How secure is your stuff?
by Rachael Frey
Textbooks and binders, laptops and cameras.
Lab equipment, musical instruments, gym clothes and winter coats.
These are just a few of the cumbersome and heavy items that students are required to lug around on a daily basis, so it’s not surprising that so many students rent school lockers to relieve the strain and keep their belongings safe.
But are their lockers actually secure?
Just because Mount Royal University is a relatively small campus, it does not mean it’s exempt from issues such as break-ins and theft. Cameron Webster, a student in the environmental sciences program, had his locker broken into and several items were stolen, including his winter coat and a ukulele.
His locker is in a secluded hallway, and Webster said he was told by security there has been a rash of break-ins in that area of the school.
“The guard told us there had been nine (locker break-ins) in two weeks,” said Webster. “While we were there filling out a statement, we met another guy filling out a statement and his had just been broken into that night as well.
“It was the second time his locker had been broken into this way.”
Webster added: “The security guard even knew where my locker was before I told him. He said, ‘is it in this wing?’ I told him exactly where, and he’s like, ‘yeah, that’s the I-wing.”
Because the combination lock was gone entirely, Webster said security assumed the lock had been snipped open with bolt-cutters. Bill Spring, head of security at MRU, said “the locks we find have obviously been cut.”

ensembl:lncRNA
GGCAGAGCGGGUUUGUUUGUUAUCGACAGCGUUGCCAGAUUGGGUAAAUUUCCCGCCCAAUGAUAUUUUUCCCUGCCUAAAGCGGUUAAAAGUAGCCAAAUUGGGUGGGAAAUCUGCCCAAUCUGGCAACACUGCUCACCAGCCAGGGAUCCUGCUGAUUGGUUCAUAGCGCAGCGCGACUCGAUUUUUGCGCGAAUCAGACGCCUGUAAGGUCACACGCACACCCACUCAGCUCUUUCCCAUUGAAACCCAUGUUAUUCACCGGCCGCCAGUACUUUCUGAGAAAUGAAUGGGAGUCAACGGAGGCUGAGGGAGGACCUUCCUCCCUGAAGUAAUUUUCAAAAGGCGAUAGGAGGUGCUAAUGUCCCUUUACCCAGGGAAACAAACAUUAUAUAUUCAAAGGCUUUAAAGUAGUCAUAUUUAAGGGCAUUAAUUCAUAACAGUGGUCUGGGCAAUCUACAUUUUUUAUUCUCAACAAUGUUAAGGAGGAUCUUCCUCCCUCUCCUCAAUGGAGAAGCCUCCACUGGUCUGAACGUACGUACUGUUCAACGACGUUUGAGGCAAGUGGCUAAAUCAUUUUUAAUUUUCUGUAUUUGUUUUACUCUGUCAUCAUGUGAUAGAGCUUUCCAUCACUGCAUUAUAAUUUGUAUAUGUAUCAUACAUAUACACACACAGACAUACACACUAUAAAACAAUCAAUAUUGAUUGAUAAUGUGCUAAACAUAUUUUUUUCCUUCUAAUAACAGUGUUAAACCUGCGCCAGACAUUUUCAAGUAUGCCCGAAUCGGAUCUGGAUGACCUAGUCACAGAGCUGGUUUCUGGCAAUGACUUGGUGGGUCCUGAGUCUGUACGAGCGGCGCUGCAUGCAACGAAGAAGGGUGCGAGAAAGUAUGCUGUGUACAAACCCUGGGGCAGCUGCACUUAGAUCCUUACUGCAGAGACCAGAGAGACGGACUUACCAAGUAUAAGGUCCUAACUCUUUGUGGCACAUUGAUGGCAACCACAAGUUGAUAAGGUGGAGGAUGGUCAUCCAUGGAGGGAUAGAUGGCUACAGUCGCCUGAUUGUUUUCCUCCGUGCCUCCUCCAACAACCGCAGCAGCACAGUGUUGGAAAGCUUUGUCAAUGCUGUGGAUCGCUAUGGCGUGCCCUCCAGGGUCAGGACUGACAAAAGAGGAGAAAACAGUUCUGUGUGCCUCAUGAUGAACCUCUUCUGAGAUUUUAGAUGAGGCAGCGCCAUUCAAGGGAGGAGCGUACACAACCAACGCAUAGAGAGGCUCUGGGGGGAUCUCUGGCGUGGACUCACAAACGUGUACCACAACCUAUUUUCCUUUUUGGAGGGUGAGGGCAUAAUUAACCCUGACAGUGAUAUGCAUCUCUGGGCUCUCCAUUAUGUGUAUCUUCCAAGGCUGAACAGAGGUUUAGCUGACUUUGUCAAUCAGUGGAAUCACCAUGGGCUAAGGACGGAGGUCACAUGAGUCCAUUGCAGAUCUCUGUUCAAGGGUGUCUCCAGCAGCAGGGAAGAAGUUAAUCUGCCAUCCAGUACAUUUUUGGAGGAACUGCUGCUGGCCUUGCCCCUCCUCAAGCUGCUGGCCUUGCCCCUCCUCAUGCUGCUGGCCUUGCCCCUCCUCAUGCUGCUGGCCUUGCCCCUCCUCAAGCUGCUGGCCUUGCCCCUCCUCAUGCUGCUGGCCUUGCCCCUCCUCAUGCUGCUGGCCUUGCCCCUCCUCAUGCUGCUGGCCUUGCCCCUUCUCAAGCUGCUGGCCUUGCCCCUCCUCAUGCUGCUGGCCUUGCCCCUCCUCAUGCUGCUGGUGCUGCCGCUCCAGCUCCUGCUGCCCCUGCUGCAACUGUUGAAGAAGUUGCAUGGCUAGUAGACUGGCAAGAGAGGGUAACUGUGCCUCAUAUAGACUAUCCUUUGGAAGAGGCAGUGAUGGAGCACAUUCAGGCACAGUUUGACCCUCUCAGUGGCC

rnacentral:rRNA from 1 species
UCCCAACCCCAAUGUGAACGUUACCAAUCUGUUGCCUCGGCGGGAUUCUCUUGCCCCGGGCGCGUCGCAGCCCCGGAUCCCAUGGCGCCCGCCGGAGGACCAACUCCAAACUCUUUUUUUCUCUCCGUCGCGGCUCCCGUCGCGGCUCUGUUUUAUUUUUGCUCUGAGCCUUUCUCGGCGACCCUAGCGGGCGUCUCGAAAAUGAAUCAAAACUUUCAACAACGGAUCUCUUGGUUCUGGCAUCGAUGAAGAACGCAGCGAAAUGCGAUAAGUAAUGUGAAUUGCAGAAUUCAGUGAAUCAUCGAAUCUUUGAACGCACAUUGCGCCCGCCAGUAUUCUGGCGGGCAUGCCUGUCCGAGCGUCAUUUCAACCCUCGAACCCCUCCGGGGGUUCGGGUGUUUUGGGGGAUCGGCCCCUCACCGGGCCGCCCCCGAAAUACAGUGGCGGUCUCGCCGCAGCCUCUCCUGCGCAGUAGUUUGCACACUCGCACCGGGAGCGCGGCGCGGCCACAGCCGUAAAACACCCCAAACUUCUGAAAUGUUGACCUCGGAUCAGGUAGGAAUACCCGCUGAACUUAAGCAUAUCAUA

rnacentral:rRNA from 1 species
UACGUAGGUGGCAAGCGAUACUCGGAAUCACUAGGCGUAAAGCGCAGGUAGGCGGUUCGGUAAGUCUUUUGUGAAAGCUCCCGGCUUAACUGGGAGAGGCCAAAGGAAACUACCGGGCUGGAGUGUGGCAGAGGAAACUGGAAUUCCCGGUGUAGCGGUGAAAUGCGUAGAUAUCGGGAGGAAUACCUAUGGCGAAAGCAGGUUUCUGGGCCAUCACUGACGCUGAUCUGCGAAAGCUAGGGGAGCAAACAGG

When asked, Spring later said that there had only been three locker break-ins in the main part of the campus since September 2010. He double-checked security’s numbers and said that he couldn’t find evidence to show there had been a series of thefts in the I-wing.
Spring said that the break-ins may have gone unreported and he encourages everyone to report all incidents to security.
“I advise them not to put things like laptops (in the lockers) because that’s what people are after — they’ll steal an expensive item in order to try to convert it to cash right away,” Spring said. “I want people to be very trusting on campus of each other, but still there are always one or two people that will take advantage of that trust.”
Thefts in rec
The recreation lockers are known by campus security for having a higher rate of theft than the school lockers, though Spring said this is because many people do not lock them up while they are using the facilities.
He said there have already been six incidents of locker-theft in the recreation area in February 2011.
To help raise awareness amongst gym users of how important it is to properly secure the recreation lockers, security has started leaving slips of paper in unlocked units that state, “If I had time to leave this note, a thief would have time to steal your possessions.”